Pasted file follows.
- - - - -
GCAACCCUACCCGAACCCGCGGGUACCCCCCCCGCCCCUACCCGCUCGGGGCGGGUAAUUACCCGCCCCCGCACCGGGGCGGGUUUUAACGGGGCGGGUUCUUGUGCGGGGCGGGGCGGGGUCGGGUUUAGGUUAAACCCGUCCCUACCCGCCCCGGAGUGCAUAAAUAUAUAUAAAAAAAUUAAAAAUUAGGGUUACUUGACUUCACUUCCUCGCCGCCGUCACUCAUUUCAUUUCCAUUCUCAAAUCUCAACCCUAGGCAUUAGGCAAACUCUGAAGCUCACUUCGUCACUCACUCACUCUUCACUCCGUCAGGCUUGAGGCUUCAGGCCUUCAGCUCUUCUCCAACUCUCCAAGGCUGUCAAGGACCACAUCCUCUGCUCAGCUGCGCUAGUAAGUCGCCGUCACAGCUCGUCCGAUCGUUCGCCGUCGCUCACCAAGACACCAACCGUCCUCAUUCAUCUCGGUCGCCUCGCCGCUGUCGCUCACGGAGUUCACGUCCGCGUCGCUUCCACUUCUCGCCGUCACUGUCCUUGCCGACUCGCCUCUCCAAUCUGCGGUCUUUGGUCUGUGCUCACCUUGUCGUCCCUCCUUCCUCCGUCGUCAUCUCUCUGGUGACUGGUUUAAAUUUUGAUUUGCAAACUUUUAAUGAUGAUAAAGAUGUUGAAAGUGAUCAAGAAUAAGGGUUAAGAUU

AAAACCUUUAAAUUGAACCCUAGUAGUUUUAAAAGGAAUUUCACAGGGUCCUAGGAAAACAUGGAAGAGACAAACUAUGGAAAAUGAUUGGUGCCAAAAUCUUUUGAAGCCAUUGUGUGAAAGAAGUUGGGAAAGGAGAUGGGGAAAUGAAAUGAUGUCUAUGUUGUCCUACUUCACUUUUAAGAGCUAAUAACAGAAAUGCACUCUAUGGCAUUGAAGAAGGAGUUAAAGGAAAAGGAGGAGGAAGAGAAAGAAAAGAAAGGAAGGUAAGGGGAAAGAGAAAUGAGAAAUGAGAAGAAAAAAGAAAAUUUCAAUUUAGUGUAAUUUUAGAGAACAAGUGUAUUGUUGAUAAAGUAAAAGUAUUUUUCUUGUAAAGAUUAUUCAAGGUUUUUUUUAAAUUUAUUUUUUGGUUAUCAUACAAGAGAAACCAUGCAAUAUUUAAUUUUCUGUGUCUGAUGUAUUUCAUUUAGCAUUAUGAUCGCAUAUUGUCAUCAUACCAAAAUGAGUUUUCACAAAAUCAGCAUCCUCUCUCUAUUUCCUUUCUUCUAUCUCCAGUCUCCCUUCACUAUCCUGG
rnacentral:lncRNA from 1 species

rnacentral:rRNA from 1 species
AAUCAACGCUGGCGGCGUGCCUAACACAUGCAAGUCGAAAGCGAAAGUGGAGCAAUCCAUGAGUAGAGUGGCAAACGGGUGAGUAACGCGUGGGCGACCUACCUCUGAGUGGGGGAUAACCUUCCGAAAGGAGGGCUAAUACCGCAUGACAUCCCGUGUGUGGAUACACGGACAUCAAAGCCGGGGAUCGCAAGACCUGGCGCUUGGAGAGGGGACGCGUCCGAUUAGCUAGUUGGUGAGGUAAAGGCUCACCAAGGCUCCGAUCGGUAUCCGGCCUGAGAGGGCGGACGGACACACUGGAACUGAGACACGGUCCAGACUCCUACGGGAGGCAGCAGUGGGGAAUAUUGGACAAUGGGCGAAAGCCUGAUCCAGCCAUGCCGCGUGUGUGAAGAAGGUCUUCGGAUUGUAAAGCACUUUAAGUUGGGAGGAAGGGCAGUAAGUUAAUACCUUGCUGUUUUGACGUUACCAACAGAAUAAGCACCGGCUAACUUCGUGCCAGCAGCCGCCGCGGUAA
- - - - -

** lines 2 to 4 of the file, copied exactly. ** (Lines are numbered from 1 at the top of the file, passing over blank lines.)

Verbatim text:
AAAACCUUUAAAUUGAACCCUAGUAGUUUUAAAAGGAAUUUCACAGGGUCCUAGGAAAACAUGGAAGAGACAAACUAUGGAAAAUGAUUGGUGCCAAAAUCUUUUGAAGCCAUUGUGUGAAAGAAGUUGGGAAAGGAGAUGGGGAAAUGAAAUGAUGUCUAUGUUGUCCUACUUCACUUUUAAGAGCUAAUAACAGAAAUGCACUCUAUGGCAUUGAAGAAGGAGUUAAAGGAAAAGGAGGAGGAAGAGAAAGAAAAGAAAGGAAGGUAAGGGGAAAGAGAAAUGAGAAAUGAGAAGAAAAAAGAAAAUUUCAAUUUAGUGUAAUUUUAGAGAACAAGUGUAUUGUUGAUAAAGUAAAAGUAUUUUUCUUGUAAAGAUUAUUCAAGGUUUUUUUUAAAUUUAUUUUUUGGUUAUCAUACAAGAGAAACCAUGCAAUAUUUAAUUUUCUGUGUCUGAUGUAUUUCAUUUAGCAUUAUGAUCGCAUAUUGUCAUCAUACCAAAAUGAGUUUUCACAAAAUCAGCAUCCUCUCUCUAUUUCCUUUCUUCUAUCUCCAGUCUCCCUUCACUAUCCUGG
rnacentral:lncRNA from 1 species

rnacentral:rRNA from 1 species